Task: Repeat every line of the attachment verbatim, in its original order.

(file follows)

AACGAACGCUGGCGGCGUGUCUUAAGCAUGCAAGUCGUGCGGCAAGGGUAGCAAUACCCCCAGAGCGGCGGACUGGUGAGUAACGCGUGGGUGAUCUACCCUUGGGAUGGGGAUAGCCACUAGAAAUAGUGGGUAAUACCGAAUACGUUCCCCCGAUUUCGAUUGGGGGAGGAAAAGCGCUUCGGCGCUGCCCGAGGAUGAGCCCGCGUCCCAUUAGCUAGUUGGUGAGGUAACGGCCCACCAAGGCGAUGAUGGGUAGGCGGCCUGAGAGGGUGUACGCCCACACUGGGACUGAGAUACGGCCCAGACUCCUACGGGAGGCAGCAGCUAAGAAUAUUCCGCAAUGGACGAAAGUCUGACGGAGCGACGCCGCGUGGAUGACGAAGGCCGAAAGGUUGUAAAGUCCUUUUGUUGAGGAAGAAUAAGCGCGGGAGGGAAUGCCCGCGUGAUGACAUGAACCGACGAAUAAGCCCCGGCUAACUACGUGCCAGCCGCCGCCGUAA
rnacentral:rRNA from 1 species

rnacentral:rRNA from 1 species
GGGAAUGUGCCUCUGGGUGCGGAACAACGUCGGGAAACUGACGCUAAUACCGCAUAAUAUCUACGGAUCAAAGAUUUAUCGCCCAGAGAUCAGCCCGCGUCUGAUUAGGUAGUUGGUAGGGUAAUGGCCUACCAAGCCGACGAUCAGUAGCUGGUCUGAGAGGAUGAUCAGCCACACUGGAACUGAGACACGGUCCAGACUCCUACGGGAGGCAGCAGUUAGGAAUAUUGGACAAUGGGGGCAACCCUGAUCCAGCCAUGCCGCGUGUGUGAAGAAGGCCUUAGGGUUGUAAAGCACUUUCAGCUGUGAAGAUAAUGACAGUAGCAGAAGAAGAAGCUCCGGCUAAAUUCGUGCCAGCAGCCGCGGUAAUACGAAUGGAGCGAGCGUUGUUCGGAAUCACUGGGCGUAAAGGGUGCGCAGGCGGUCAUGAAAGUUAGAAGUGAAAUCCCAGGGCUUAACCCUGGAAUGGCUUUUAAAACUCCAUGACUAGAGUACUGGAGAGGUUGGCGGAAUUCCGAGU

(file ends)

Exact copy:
AACGAACGCUGGCGGCGUGUCUUAAGCAUGCAAGUCGUGCGGCAAGGGUAGCAAUACCCCCAGAGCGGCGGACUGGUGAGUAACGCGUGGGUGAUCUACCCUUGGGAUGGGGAUAGCCACUAGAAAUAGUGGGUAAUACCGAAUACGUUCCCCCGAUUUCGAUUGGGGGAGGAAAAGCGCUUCGGCGCUGCCCGAGGAUGAGCCCGCGUCCCAUUAGCUAGUUGGUGAGGUAACGGCCCACCAAGGCGAUGAUGGGUAGGCGGCCUGAGAGGGUGUACGCCCACACUGGGACUGAGAUACGGCCCAGACUCCUACGGGAGGCAGCAGCUAAGAAUAUUCCGCAAUGGACGAAAGUCUGACGGAGCGACGCCGCGUGGAUGACGAAGGCCGAAAGGUUGUAAAGUCCUUUUGUUGAGGAAGAAUAAGCGCGGGAGGGAAUGCCCGCGUGAUGACAUGAACCGACGAAUAAGCCCCGGCUAACUACGUGCCAGCCGCCGCCGUAA
rnacentral:rRNA from 1 species

rnacentral:rRNA from 1 species
GGGAAUGUGCCUCUGGGUGCGGAACAACGUCGGGAAACUGACGCUAAUACCGCAUAAUAUCUACGGAUCAAAGAUUUAUCGCCCAGAGAUCAGCCCGCGUCUGAUUAGGUAGUUGGUAGGGUAAUGGCCUACCAAGCCGACGAUCAGUAGCUGGUCUGAGAGGAUGAUCAGCCACACUGGAACUGAGACACGGUCCAGACUCCUACGGGAGGCAGCAGUUAGGAAUAUUGGACAAUGGGGGCAACCCUGAUCCAGCCAUGCCGCGUGUGUGAAGAAGGCCUUAGGGUUGUAAAGCACUUUCAGCUGUGAAGAUAAUGACAGUAGCAGAAGAAGAAGCUCCGGCUAAAUUCGUGCCAGCAGCCGCGGUAAUACGAAUGGAGCGAGCGUUGUUCGGAAUCACUGGGCGUAAAGGGUGCGCAGGCGGUCAUGAAAGUUAGAAGUGAAAUCCCAGGGCUUAACCCUGGAAUGGCUUUUAAAACUCCAUGACUAGAGUACUGGAGAGGUUGGCGGAAUUCCGAGU